Fines, being barred from the industry and even facing years behind bars evidently won't deter some market timers looking for a quick, sure buck.
Sixty-nine percent of fund directors and 55% of fund executives say some investors will continue to market time funds, regardless of redemption fees on short-term trades. As PFPC Senior Vice President Peter Rigopoulos puts it, what's a 2% fee on a 10% or 12% profit?
This is according to a survey of 57 independent board members, 44 affiliated board members and 53 fund executives, commissioned by PFPC and PNC Financial Services Group and conducted by Artemis Strategy Group.
Of course, unlike the original market-timing and late-trading scandal in which scores of fund companies were found to have been in cahoots with market timers, those surveyed are putting the blame on unscrupulous people outside fund companies.
But it would be dreadful for the industry's reputation as a whole if a new spate of market timing is uncovered. Here we are four years later, and the Securities and Exchange Commission is still continuing to bring market-timing cases forward, mostly against individuals and hedge funds. Could we stand another four years of scandalous news?
Although the general press never picks up on these cases, and even the financial media appears to have become jaded and nonplussed about them, if it becomes apparent that market timing continued after 2003 when former New York Attorney General Eliot Spitzer unearthed this whole scandal, the mutual fund industry will appear grossly negligent at protecting its shareholders.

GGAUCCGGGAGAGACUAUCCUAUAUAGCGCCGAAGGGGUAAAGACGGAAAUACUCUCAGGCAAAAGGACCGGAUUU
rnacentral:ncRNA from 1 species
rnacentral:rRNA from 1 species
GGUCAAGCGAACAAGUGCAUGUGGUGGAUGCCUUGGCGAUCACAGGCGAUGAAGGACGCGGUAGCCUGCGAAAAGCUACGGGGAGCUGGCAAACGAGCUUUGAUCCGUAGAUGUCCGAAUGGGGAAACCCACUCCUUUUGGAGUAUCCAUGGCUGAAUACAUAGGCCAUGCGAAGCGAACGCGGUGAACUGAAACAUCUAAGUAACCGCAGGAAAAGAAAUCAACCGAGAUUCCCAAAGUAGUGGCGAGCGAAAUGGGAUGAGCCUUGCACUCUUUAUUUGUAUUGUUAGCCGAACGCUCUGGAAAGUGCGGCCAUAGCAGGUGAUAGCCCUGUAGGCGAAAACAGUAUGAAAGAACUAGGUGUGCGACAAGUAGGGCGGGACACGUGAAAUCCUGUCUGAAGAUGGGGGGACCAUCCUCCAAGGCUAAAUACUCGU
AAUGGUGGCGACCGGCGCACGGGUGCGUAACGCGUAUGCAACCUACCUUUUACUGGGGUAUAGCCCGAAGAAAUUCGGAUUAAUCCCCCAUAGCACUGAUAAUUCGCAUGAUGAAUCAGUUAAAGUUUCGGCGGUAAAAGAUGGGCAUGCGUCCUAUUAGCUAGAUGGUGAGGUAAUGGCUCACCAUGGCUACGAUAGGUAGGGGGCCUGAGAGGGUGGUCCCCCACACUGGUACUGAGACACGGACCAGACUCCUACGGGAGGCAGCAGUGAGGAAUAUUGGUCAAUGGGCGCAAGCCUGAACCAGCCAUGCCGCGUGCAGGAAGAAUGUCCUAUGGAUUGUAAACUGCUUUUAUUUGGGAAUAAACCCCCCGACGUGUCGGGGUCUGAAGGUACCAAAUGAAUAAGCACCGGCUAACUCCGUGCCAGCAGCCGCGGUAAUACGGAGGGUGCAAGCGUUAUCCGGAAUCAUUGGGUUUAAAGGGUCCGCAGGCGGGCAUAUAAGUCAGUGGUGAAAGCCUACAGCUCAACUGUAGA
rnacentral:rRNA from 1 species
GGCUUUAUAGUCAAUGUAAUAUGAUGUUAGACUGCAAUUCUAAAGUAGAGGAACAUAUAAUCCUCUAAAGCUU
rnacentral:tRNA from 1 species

If as many as 69% of fund directors and a majority of fund execs believe market timing will continue, there's a danger that it may still be going on even right now.
Obviously, PFPC and PNC commissioned the study to prompt customers that aren't already up to speed on complying with Rule 22c-2 by the Oct. 16 deadline to do so. There's a vested interest here.
But it's a realistic warning over the bow that fund companies must be vigilant about market timing, late trading-or any new manipulation of the market yet to be invented.
(c) 2007 Money Management Executive and SourceMedia, Inc. All Rights Reserved.